Meditation Yoga

Journeys in Mindfulness – Part one

by Erica Viedma, Yoga with Erica

As a yoga teacher, I am aware of the delicate somatic connection between our physical sensations, thoughts and emotions. In yoga we often instruct people to stand tall and broaden the chest – opening the heart area. We ask people to open into areas that may have been guarded and held tight. At times I have observed myself and others struggle with the emotions that this kind of movement can evoke.

With this in mind, I have chosen to study towards a certification in Mindful Based Stress Reduction with the Mindfulness Training Institute Australia and New Zealand. I want to learn more about how to create safety for myself and my students. I am not only thinking of the adults that walk into my classes with their untold stresses, traumas and major life events. I am also thinking of the children that my business partner and I have sat with during our 6 years of teaching mindfulness in schools. Young children who carry the daily pressures of poverty, addiction, suicide, domestic violence, pandemics, sexual abuse, violent shootings, rascism, bullying in schools, earthquakes and sickness.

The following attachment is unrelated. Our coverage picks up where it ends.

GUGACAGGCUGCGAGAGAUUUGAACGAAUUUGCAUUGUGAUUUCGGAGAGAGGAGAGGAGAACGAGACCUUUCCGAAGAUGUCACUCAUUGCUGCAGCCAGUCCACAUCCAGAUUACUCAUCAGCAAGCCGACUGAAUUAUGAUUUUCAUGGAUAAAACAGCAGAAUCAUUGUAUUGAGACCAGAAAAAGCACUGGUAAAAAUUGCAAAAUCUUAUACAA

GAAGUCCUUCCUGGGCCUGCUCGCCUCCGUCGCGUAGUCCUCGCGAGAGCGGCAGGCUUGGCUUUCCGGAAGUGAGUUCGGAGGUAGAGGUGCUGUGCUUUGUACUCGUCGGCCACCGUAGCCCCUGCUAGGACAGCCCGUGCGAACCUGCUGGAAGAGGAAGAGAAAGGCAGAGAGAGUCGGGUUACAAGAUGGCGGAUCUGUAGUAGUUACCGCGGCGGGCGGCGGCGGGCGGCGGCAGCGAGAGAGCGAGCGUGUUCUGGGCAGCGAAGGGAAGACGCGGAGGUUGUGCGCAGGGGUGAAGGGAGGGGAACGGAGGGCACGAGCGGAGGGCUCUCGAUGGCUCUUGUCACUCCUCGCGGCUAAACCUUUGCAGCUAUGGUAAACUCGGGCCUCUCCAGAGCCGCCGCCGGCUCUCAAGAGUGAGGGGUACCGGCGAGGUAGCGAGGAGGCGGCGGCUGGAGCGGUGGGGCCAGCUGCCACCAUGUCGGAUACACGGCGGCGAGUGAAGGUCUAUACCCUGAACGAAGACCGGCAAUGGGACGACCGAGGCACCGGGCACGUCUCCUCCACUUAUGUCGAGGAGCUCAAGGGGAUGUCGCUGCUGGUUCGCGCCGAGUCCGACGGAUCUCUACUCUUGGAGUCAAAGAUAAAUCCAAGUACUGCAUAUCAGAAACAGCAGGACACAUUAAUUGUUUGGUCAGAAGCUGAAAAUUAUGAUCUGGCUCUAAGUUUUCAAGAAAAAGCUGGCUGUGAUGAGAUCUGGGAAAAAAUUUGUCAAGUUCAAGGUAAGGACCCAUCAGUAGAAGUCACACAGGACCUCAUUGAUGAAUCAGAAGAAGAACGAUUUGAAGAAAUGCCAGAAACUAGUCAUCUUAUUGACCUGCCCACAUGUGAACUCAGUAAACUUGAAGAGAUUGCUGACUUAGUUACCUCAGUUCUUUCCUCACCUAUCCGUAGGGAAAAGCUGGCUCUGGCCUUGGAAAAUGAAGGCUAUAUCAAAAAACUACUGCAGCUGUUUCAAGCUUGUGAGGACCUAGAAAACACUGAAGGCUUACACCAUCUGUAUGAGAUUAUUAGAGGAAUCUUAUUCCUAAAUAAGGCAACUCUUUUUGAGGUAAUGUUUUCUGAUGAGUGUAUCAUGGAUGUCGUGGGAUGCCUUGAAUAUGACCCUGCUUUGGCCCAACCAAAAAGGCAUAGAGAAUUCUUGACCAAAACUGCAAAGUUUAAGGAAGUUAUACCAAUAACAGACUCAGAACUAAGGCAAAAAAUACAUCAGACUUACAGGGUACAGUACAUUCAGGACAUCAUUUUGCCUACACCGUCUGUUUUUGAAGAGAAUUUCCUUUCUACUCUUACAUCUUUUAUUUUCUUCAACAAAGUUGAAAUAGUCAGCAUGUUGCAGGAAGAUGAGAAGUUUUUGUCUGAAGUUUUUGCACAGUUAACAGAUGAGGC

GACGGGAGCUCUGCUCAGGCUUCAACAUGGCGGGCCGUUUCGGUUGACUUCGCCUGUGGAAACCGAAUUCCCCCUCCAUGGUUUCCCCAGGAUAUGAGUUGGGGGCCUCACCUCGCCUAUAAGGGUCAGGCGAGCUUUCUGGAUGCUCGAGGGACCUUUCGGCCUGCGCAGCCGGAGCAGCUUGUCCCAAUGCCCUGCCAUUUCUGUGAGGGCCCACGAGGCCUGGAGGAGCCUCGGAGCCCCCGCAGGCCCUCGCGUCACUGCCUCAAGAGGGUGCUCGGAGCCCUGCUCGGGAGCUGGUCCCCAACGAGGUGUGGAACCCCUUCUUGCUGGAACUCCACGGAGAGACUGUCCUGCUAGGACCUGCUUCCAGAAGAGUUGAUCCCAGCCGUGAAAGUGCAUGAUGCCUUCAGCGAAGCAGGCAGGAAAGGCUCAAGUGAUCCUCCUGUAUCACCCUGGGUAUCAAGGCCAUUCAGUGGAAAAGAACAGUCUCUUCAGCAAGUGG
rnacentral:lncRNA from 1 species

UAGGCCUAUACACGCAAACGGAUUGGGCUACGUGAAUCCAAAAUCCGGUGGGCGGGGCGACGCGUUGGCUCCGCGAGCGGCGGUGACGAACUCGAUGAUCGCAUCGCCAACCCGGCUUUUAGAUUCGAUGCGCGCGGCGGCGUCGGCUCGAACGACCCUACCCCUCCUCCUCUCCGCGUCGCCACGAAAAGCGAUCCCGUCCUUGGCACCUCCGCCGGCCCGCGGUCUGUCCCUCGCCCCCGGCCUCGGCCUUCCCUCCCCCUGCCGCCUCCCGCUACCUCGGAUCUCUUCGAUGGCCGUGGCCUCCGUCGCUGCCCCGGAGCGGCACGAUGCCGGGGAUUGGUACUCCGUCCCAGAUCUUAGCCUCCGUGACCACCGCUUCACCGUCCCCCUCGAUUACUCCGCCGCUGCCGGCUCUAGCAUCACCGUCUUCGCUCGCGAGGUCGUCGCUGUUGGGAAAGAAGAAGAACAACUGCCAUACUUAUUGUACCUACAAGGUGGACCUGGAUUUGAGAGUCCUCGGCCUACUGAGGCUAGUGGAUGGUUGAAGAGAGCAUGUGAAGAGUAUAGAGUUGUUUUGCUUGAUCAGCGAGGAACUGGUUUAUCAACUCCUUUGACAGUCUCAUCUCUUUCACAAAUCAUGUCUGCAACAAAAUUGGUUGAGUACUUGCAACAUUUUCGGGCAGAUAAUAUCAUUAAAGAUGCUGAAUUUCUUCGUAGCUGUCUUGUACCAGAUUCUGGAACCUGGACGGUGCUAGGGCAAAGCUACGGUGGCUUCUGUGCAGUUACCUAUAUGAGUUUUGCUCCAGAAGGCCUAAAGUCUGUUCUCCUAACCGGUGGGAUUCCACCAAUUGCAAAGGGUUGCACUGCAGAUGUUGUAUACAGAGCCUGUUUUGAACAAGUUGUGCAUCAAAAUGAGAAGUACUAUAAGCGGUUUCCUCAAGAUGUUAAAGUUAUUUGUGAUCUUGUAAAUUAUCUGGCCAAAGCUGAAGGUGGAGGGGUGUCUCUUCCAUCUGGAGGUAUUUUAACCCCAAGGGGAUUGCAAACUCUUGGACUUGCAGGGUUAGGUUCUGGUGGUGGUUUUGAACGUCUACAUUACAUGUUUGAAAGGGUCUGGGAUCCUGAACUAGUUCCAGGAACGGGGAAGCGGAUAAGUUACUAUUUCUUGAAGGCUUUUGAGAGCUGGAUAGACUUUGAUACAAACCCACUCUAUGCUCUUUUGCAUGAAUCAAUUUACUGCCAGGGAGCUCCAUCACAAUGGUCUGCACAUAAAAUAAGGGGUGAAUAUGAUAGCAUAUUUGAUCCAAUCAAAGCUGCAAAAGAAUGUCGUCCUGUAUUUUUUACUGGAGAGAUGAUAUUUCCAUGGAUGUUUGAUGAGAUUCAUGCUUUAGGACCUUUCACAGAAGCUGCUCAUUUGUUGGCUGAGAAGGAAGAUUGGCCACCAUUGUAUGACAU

These are not stories from a country far away – these are the children who sit in our classes here in Ōtautahi.

Being faced with the reality that as human beings, we are all wounded in one way or another, has driven my desire to learn more about how we relate to our mind, body and wairua. Below are my reflections after completing the first module of mindfulness training with MTI. It is only a slice of the wisdom that emerged – with deep gratitude to my teachers and fellow students.  

As you read this, please keep in mind that suffering comes in all shapes and sizes in our world. I sometimes feel myself dismissing my suffering because it appears lesser than others’ experiences, but there is no need to measure.  We are all human and your suffering, no matter how large or small, is also worthy of care and attention. 

Learnings in mindfulness for the wounded. 

There are times in my life when I suffer. My body holds this suffering – not only the pain from today, but from my life till now and the lives of those around me. As my friend and as my teacher, you sometimes respond to my emotional suffering by offering me your solutions. I see your heart is in the right place, so please do not stop offering your kindness and the knowledge from your practice. But do understand this: